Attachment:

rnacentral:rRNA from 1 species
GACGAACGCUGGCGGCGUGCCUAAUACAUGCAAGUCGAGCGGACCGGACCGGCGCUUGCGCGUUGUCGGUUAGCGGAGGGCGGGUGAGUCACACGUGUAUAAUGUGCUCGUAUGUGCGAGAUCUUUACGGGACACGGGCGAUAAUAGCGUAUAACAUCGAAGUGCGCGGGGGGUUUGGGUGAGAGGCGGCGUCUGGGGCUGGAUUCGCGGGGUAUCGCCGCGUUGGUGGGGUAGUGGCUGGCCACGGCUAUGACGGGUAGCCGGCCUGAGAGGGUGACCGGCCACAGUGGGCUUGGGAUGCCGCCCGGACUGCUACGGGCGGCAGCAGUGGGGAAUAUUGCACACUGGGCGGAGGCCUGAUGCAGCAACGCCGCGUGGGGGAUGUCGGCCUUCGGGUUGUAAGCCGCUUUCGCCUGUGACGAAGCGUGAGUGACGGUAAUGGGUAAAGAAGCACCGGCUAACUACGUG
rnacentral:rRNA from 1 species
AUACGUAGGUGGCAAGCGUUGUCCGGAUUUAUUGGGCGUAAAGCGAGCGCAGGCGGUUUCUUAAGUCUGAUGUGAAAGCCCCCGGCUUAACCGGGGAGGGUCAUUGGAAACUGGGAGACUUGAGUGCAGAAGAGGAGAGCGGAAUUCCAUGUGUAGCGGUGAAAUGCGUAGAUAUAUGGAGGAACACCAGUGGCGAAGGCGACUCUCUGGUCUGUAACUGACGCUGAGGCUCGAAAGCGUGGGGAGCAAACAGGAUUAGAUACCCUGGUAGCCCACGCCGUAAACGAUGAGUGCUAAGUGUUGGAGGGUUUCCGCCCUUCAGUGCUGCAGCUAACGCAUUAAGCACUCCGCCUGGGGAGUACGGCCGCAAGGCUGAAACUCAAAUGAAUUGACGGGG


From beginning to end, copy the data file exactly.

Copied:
rnacentral:rRNA from 1 species
GACGAACGCUGGCGGCGUGCCUAAUACAUGCAAGUCGAGCGGACCGGACCGGCGCUUGCGCGUUGUCGGUUAGCGGAGGGCGGGUGAGUCACACGUGUAUAAUGUGCUCGUAUGUGCGAGAUCUUUACGGGACACGGGCGAUAAUAGCGUAUAACAUCGAAGUGCGCGGGGGGUUUGGGUGAGAGGCGGCGUCUGGGGCUGGAUUCGCGGGGUAUCGCCGCGUUGGUGGGGUAGUGGCUGGCCACGGCUAUGACGGGUAGCCGGCCUGAGAGGGUGACCGGCCACAGUGGGCUUGGGAUGCCGCCCGGACUGCUACGGGCGGCAGCAGUGGGGAAUAUUGCACACUGGGCGGAGGCCUGAUGCAGCAACGCCGCGUGGGGGAUGUCGGCCUUCGGGUUGUAAGCCGCUUUCGCCUGUGACGAAGCGUGAGUGACGGUAAUGGGUAAAGAAGCACCGGCUAACUACGUG
rnacentral:rRNA from 1 species
AUACGUAGGUGGCAAGCGUUGUCCGGAUUUAUUGGGCGUAAAGCGAGCGCAGGCGGUUUCUUAAGUCUGAUGUGAAAGCCCCCGGCUUAACCGGGGAGGGUCAUUGGAAACUGGGAGACUUGAGUGCAGAAGAGGAGAGCGGAAUUCCAUGUGUAGCGGUGAAAUGCGUAGAUAUAUGGAGGAACACCAGUGGCGAAGGCGACUCUCUGGUCUGUAACUGACGCUGAGGCUCGAAAGCGUGGGGAGCAAACAGGAUUAGAUACCCUGGUAGCCCACGCCGUAAACGAUGAGUGCUAAGUGUUGGAGGGUUUCCGCCCUUCAGUGCUGCAGCUAACGCAUUAAGCACUCCGCCUGGGGAGUACGGCCGCAAGGCUGAAACUCAAAUGAAUUGACGGGG